DETROIT — The head of the Girl Scouts says that while the organization is disappointed that the Boy Scouts have decided to accept girls it is focused on helping "parents understand the benefits of Girl Scouts."
"At Girl Scouts, we're going to stay completely focused on girls. The 'girl' is going to stay in Girl Scouting," Sylvia Acevedo, the CEO of the Girl Scouts of the USA, told The Associated Press on Wednesday. "We were disappointed that an organization that we had partnered with for 100 years decided to accept girls, but you know what? Our focus is on what we do really well."
Acevedo was in Detroit to attend an evening ribbon-cutting ceremony for a new headquarters for the southeastern Michigan chapter.
Her visit comes at a time of strained relations between the Girl Scouts and Boy Scouts of America, which last month announced a new name for its Boy Scouts program: Scouts BSA. The change will take effect in February. The parent organization will remain the Boy Scouts of America, and the Cub Scouts — the program that serves children from kindergarten through fifth grade — also will keep its title. But the Boy Scouts, the program for 11- to 17-year-olds, will be known as Scouts BSA. The organization already has started admitting girls into the Cub Scouts, and Scouts BSA will begin accepting girls in 2019.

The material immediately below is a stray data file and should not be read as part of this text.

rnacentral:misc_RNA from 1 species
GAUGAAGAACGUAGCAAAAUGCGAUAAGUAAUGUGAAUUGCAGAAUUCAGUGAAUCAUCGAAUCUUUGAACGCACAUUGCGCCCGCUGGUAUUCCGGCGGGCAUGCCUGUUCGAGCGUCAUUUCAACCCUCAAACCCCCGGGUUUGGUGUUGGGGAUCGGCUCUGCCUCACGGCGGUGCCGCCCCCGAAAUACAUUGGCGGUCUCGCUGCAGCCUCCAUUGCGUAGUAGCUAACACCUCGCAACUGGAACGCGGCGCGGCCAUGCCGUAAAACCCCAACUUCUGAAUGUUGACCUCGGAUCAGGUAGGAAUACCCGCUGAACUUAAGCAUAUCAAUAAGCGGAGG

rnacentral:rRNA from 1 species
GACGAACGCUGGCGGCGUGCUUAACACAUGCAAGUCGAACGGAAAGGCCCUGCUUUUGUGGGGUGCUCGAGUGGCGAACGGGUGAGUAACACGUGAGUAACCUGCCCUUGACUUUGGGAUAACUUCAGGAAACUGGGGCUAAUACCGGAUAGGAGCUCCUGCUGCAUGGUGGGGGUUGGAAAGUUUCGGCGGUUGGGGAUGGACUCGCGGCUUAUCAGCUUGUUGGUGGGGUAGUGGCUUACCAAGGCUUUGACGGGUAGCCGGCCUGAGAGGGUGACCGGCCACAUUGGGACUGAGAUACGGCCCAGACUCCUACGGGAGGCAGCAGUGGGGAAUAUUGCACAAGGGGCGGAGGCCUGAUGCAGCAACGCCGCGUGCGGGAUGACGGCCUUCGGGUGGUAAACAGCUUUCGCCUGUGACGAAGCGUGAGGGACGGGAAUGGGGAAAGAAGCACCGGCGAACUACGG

Girl Scout leaders have said they were blindsided by the move, but Acevedo stressed Wednesday that her group has a strong case to make to parents.
"A lot of times people think Girl and Boy Scouts are similar," she said. "We have programming that has been focused on girls for over 100 years, with these amazing outcomes."
As part of the Girl Scouts' campaign to recruit and retain girls as members, it is creating a number of new badges that girls can earn and concentrating on outdoor activities and on science, engineering, technology, and math.
The Girl Scouts are among a number of major youth organizations in the nation that are seeing declines in membership in recent years due to competition from sports leagues and busy family schedules.
According to Acevedo, the key is getting across the Girl Scouts' message.
"A lot of times, parents haven't understood the lifetime benefits of a girl being in Girl Scouts, so we're going to do a much better job explaining that to parents," she said.